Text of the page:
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Centre’s U-turn on Uttarakhand; now tells SC “seriously considering” Floor Test

LiveLaw News Network
4 May 2016 6:15 AM GMT
Centre’s U-turn on Uttarakhand; now tells SC “seriously considering” Floor Test
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The Centre today took a big U-turn in the Supreme Court in the Uttarakhand President’s rule case saying it was “seriously considering” holding of floor test immediately as suggested repeatedly by the bench to end the constitutional impasse in the state.

It is to be noted that Attorney General Mukul Rohatgi had earlier flatly rejected the proposal when it was put forth by the bench headed by Justice Dipak Misra.

As the hearing began today, the AG told the bench that he will take instructions and work out the details and get back to the court on May 6. The bench then said if the centre was not willing for a floor test it will continue detailed hearing and pronounce a verdict before the court closes for summer vacation on May 13.

“Once we have decided on the floor test, its formality and manner can be decided in the court on Friday”, the AG said

The court had yesterday said “floor test is the ultimate test” to decide who is in power, and asked the Centre to consider having a trust vote in the Assembly to determine whether the Harish Rawat-led Congress gover nment has a majority.

The court has umpteen times made it clear that it is ready to temporarily suspend President’s Rule to facilitate the floor test.

“Both horse trading and airing of sting operation create a dent in democracy. That is why we said that a floor test is the ultimate test,” Justice Misra had observed earlier. The Bench had suggested that a floor test be conducted immediately after lifting President’s Rule for three days. The results of the exercise could be submitted in court, it had proposed.

Rejecting proposal for a floor test earlier, Rohatgi had said: “There cannot be a President's Rule and a floor test at the same time”.

On April 27 in a setback to the ousted Harish Rawat government, the Supreme Court had said the stay on the Uttarakhand High Court order on President’s rule in Uttarakhand would continue.

The Uttarakhand HC Bench comprising of Chief Justice KM Joseph and Justice V.K.Bist had held that in view of Principles laid down in Bommai’s case and in Rameshwar Prasad’s case, it would be a case, where there was no warrant for a legitimate inference being drawn from the facts that the floor test should be avoided and, instead, the draconian provisions of Article 356 should be invoked.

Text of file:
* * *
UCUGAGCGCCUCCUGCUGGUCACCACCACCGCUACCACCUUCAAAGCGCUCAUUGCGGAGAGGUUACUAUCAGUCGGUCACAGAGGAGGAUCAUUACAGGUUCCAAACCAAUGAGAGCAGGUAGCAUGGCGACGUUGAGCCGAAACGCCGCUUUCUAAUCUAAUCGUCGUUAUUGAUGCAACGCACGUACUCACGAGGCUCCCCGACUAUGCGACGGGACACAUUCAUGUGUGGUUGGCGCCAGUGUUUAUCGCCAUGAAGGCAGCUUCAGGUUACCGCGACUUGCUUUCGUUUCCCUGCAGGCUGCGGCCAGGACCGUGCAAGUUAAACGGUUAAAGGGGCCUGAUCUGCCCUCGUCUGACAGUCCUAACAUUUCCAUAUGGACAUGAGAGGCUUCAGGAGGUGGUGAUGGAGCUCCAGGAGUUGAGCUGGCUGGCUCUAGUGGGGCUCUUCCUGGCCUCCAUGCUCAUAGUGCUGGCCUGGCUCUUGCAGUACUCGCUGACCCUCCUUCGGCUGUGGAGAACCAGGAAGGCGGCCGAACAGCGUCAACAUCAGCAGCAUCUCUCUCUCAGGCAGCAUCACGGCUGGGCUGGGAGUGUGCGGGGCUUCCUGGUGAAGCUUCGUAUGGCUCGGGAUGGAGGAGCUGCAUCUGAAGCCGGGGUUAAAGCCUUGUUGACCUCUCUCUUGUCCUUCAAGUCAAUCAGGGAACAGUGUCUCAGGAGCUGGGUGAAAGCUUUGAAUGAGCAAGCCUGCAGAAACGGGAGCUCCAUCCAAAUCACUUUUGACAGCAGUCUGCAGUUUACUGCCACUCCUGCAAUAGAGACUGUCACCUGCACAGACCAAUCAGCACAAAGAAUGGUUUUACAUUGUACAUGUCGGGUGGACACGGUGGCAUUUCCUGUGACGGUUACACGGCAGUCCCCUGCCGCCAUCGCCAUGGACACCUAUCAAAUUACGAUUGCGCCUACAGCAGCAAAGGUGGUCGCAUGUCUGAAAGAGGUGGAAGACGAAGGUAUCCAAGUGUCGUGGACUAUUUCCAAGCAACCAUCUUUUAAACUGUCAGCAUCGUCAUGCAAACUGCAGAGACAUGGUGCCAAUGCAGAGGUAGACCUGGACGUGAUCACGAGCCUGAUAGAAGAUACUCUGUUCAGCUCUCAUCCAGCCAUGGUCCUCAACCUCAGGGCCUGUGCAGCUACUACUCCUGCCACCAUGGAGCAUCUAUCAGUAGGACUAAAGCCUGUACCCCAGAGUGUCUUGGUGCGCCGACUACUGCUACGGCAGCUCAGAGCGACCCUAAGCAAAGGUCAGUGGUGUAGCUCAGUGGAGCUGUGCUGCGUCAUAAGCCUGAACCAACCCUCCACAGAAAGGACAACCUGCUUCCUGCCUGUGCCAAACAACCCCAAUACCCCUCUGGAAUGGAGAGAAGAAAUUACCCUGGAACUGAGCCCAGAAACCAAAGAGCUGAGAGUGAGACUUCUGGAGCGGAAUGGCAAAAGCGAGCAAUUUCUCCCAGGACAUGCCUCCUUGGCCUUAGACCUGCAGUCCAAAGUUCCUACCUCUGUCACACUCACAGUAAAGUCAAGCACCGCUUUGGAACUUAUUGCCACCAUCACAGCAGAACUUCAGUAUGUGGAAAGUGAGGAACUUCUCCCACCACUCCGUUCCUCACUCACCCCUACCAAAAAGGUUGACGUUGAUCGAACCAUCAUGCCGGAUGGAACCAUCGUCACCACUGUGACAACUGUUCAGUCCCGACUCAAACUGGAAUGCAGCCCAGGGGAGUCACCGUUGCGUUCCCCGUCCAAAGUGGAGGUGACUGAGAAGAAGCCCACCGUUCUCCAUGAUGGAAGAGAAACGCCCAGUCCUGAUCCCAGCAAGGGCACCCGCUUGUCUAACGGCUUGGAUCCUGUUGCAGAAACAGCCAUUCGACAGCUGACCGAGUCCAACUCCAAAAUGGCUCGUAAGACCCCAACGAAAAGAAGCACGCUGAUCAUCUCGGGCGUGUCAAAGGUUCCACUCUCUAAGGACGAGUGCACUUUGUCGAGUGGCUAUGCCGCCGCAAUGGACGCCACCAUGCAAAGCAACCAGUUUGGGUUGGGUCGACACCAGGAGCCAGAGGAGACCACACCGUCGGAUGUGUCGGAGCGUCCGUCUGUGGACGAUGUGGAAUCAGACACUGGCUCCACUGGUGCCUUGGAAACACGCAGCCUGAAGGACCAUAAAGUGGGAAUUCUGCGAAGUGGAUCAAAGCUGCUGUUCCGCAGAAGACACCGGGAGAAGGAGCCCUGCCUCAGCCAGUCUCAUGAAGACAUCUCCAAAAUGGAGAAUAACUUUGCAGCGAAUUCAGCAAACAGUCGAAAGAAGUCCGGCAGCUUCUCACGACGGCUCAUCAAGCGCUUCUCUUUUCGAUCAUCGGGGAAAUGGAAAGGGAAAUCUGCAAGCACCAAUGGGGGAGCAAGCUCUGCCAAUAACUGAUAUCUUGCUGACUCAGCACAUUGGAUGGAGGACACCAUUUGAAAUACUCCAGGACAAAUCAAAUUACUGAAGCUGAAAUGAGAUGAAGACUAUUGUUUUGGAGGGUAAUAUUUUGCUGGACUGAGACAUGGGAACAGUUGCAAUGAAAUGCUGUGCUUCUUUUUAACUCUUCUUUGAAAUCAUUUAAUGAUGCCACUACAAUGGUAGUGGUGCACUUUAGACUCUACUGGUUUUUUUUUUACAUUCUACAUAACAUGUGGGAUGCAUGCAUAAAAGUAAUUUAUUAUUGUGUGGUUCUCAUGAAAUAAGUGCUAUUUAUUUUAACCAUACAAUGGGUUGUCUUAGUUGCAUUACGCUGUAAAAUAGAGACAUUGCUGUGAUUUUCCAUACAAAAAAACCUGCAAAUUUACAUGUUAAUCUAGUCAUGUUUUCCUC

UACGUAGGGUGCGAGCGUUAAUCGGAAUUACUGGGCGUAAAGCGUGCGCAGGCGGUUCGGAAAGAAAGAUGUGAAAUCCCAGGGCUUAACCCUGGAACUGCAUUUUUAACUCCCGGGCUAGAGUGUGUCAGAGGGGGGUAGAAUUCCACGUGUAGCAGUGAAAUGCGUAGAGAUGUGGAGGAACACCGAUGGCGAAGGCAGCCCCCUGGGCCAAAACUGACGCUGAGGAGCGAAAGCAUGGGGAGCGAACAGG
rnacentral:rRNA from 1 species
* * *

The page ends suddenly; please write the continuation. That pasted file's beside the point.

The Supreme Court had restored President’s Rule on April 22 barely a day after the state High Court quashed the Centre’s decision and restored the Harish Rawat-led Congress government.

The SC bench admitted the Centre’s challenge to the High Court decision and brought back President’s rule in the State for the simple reason that the judgment, dictated on April 21 by Uttarakhand Chief Justice K.M. Joseph in open court, was not yet available in the public domain.

The High Court had on April 21 quashed the order of the Central government that had put the State under President’s Rule on March 27.

Deciding that the Congress shall return to power, the Division Bench of the Court also ordered that a floor test must be held in the Uttarakhand Assembly on April 29 where former Chief Minister Harish Rawat’s claim of having majority support shall be put to test.

The Division Bench comprising Chief Justice K.M. Joseph and Justice V.K. Bisht had decided to reserve the verdict for later, but taking the apprehensions of Rawat’s counsel into consideration where it was being feared that the Central Government might revoke President’s Rule and try and get the BJP to form government in the State before the Court’s final verdict in the case, the Bench took the decisions on quashing Presidential Proclamation on Thursday itself.

Uttarakhand Chief Justice Joseph said that the Court was "pained" by the Centre's actions in the case on imposition of President's Rule in Uttarakhand where the Centre was acting like a "private party". He said that the Central government, which should be impartial, was acting like a "private party."

“We are pained that the Central government can behave like this. How can you think of playing with the Court?" Chief Justice Joseph said.

Questioning the Centre over planning to attempt revoking President's Rule before court's final verdict, Chief Justice Joseph slammed the Centre for such attempts. The Chief Justice said, "If they [the Centre] revoke Article 356 and try and form a government... What is it but a travesty of justice?"

Read the order here.

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